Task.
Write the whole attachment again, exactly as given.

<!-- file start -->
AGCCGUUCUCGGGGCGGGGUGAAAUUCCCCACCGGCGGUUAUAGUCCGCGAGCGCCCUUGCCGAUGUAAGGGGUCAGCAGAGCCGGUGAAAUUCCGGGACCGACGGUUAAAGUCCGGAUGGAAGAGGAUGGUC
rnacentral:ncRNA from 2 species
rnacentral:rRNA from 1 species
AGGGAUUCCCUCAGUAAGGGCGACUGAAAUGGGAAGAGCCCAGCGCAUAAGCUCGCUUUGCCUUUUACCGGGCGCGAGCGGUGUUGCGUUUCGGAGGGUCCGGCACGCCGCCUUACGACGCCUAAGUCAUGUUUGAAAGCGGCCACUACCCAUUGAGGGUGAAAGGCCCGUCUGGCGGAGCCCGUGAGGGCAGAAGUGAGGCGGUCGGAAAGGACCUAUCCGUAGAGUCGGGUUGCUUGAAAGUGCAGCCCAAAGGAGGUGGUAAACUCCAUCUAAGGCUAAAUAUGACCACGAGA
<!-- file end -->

AGCCGUUCUCGGGGCGGGGUGAAAUUCCCCACCGGCGGUUAUAGUCCGCGAGCGCCCUUGCCGAUGUAAGGGGUCAGCAGAGCCGGUGAAAUUCCGGGACCGACGGUUAAAGUCCGGAUGGAAGAGGAUGGUC
rnacentral:ncRNA from 2 species
rnacentral:rRNA from 1 species
AGGGAUUCCCUCAGUAAGGGCGACUGAAAUGGGAAGAGCCCAGCGCAUAAGCUCGCUUUGCCUUUUACCGGGCGCGAGCGGUGUUGCGUUUCGGAGGGUCCGGCACGCCGCCUUACGACGCCUAAGUCAUGUUUGAAAGCGGCCACUACCCAUUGAGGGUGAAAGGCCCGUCUGGCGGAGCCCGUGAGGGCAGAAGUGAGGCGGUCGGAAAGGACCUAUCCGUAGAGUCGGGUUGCUUGAAAGUGCAGCCCAAAGGAGGUGGUAAACUCCAUCUAAGGCUAAAUAUGACCACGAGA